Deinfluencing brands Albina_Sol

What does the rise of deinfluencing mean for brands?

‘Deinfluencing’ has quickly become the latest trend to grip social media. But brands and marketers should be wary of dismissing its longer-term impact, says Catch co-founder Nicole Green

The rise of social media platforms such as Instagram and TikTok has led to a gold rush in influencer marketing over the last decade, with everyone from dental hygiene brands to luxury fashion labels paying thousands to land their products on the right feed.

Today, the global value of the creator economy is estimated to be worth $100 billion – more than double what it was in 2019. Brands like Gymshark became overnight success stories thanks in large part to their work with influencers. And as the cost of digital advertising has increased and its impact waned, partly due to Apple’s privacy updates, even more brands have doubled down on influencer marketing as a primary channel hoping to generate greater ROI.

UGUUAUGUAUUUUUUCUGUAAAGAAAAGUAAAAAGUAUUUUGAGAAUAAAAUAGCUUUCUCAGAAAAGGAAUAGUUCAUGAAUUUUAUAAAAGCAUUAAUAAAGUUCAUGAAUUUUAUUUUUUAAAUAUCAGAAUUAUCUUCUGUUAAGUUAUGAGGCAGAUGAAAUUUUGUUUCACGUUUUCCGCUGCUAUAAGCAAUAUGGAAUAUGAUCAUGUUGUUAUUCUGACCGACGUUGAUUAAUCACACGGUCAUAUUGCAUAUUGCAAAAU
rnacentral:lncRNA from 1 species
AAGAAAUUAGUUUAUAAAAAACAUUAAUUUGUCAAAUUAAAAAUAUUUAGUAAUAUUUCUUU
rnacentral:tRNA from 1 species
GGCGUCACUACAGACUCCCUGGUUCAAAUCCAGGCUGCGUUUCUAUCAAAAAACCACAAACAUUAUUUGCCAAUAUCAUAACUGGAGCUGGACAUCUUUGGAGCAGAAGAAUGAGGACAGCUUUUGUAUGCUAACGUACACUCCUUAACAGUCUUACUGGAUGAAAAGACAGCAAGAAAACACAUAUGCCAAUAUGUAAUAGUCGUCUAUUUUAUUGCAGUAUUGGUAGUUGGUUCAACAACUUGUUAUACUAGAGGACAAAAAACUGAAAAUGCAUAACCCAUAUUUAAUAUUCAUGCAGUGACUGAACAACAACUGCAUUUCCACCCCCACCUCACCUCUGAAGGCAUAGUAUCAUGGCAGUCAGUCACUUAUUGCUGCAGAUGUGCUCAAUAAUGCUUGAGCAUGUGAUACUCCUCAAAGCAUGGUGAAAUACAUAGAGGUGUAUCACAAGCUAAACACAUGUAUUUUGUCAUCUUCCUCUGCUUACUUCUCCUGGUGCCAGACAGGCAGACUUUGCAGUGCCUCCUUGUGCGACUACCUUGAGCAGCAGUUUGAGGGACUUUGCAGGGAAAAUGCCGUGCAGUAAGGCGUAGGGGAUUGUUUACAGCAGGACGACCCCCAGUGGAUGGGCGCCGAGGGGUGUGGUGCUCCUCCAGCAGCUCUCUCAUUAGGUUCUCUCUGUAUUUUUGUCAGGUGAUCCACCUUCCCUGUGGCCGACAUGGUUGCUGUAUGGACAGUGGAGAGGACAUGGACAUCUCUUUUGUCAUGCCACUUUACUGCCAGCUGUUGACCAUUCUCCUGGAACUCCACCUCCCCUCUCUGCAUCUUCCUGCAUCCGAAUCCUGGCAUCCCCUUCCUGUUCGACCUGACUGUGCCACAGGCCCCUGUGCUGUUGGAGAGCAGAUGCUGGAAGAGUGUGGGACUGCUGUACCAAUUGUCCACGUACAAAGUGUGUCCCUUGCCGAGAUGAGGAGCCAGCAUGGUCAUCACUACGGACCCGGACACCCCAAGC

The industry’s rapid rise hasn’t been without its controversies, however. In 2018, ASA rules were introduced meaning influencers had to signpost when they were posting an ad on social media. This simple change turned out to be a catalyst for exposing the reality of influencer marketing, and eroding trust between creators and their communities. A 2019 BBC undercover documentary exposed this further, when it showed Lauren Goodger of TOWIE fame eagerly agree to a partnership with a fake poisonous cyanide diet drink without trying it. “Half these posts you see that people do, they’re not even trying them half the time,” she said.